Chinese adults can’t take parents’ money - that’s lawBy IANS
Saturday, January 22, 2011
SHANGHAI - In a bid to ensure elderly persons’ social welfare, parents in an east China province have been empowered by a new law to decline their adult children’s monetary demands.
The People’s Congress of Jiangsu province passed an ordinance Friday which forbids adult children from demanding money or belongings from their parents in a forcible way, China Daily reported Saturday.
The provision is widely seen as an attempt to discourage the NEET group - a name used to refer collectively to young people who chose to live off their parents rather than seek steady employment, attend school or enroll in special training.
Zhao Jianyang, director of the administrative law department, Law Committee of the Standing Committee of the People’s Congress of Jiangsu, said: “The right conferred on elderly parents to refuse requests for financial support will help parents who have children in the NEET group.”
The provision, the first of its kind in China, contains an important caveat - children will not be violating the law if they obtain financial assistance from parents who are willing to lend a hand.
It’s part of an ordinance designed to protect the rights of the elderly (those over 60 years old) in Jiangsu.
The ordinance, however, encourages adult children to make regular visits to their parents’ homes and take care of their elderly parents.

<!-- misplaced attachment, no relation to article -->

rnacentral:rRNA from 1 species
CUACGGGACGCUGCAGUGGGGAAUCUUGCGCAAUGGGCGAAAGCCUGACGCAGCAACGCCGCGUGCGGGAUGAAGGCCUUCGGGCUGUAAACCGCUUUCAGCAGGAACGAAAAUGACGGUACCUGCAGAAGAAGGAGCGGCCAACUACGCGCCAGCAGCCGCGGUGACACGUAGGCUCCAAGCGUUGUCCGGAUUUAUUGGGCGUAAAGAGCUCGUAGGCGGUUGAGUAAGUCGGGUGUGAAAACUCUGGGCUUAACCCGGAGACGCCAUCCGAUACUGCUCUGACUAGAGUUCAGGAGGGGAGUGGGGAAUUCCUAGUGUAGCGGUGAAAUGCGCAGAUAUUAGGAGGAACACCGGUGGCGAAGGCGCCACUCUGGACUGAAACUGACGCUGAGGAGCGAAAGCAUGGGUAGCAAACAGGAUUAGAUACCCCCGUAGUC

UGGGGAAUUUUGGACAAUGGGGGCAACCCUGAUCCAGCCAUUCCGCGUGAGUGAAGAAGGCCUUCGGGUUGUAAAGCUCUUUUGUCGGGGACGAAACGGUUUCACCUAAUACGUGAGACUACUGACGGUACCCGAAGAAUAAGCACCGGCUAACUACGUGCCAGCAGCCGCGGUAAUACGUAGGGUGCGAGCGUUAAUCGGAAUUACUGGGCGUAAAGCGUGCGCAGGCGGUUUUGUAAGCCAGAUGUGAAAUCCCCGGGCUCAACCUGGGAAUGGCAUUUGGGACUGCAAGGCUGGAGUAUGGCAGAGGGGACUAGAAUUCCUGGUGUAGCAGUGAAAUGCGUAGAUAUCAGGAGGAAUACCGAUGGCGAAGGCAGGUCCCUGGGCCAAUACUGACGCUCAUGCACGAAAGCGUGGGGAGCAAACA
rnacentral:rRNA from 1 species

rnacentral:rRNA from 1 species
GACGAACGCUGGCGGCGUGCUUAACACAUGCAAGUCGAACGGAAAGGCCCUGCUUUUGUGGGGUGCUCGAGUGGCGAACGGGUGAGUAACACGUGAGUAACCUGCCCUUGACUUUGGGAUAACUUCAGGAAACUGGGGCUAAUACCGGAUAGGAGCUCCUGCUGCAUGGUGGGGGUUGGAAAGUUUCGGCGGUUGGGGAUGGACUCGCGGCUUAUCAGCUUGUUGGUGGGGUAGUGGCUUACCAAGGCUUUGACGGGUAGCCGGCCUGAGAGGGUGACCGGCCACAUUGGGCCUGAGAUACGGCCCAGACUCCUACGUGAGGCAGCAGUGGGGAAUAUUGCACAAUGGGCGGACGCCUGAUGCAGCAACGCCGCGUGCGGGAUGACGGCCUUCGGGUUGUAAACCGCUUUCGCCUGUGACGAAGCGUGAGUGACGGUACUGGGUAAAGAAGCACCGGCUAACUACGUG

In one of several recent trends in China, more young people have adopted the NEET lifestyle as a means of leading a more comfortable existence.
According to the statistics released by the China Research Center on Aging last year, up to 30 percent of young people fall into the NEET category and 65 percent of families must contend with NEET children.
The new provision has drawn varying reactions.
Gao Jianming, a 55-year-old teacher in Xuzhou, Jiangsu province, said the provision will benefit him and his ilk.
“I’ve noticed the NEET problem among my friends whose children are too dependent on their parents, which is wrong. Parents should have the right to enjoy their elderly years with their own money,” said Gao.
He also said that the society will benefit from the call for adult children to pay regular visits to their parents.
Jiang Xuelai, a 25-year-old private employee in Wuxi, Jiangsu province, said: “The regulation will likely lead to discord in families and disputes on financial issues.”